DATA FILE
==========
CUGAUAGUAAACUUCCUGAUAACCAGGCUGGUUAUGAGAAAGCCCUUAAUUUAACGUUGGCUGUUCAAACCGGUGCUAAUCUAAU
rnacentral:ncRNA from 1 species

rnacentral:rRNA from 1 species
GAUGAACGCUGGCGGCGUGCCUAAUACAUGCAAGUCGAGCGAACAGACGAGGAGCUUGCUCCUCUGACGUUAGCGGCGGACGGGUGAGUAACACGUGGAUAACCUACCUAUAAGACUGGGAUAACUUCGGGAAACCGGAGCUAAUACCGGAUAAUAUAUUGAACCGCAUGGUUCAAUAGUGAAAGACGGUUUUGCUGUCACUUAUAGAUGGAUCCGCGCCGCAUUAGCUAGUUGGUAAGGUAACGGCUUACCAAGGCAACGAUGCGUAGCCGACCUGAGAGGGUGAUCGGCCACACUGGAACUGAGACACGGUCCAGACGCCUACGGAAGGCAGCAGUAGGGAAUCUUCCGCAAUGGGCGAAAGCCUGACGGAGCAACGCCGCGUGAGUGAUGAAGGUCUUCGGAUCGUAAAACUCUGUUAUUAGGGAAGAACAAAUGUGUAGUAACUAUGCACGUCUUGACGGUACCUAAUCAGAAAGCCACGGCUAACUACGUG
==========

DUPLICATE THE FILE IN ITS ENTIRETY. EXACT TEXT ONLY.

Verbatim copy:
CUGAUAGUAAACUUCCUGAUAACCAGGCUGGUUAUGAGAAAGCCCUUAAUUUAACGUUGGCUGUUCAAACCGGUGCUAAUCUAAU
rnacentral:ncRNA from 1 species

rnacentral:rRNA from 1 species
GAUGAACGCUGGCGGCGUGCCUAAUACAUGCAAGUCGAGCGAACAGACGAGGAGCUUGCUCCUCUGACGUUAGCGGCGGACGGGUGAGUAACACGUGGAUAACCUACCUAUAAGACUGGGAUAACUUCGGGAAACCGGAGCUAAUACCGGAUAAUAUAUUGAACCGCAUGGUUCAAUAGUGAAAGACGGUUUUGCUGUCACUUAUAGAUGGAUCCGCGCCGCAUUAGCUAGUUGGUAAGGUAACGGCUUACCAAGGCAACGAUGCGUAGCCGACCUGAGAGGGUGAUCGGCCACACUGGAACUGAGACACGGUCCAGACGCCUACGGAAGGCAGCAGUAGGGAAUCUUCCGCAAUGGGCGAAAGCCUGACGGAGCAACGCCGCGUGAGUGAUGAAGGUCUUCGGAUCGUAAAACUCUGUUAUUAGGGAAGAACAAAUGUGUAGUAACUAUGCACGUCUUGACGGUACCUAAUCAGAAAGCCACGGCUAACUACGUG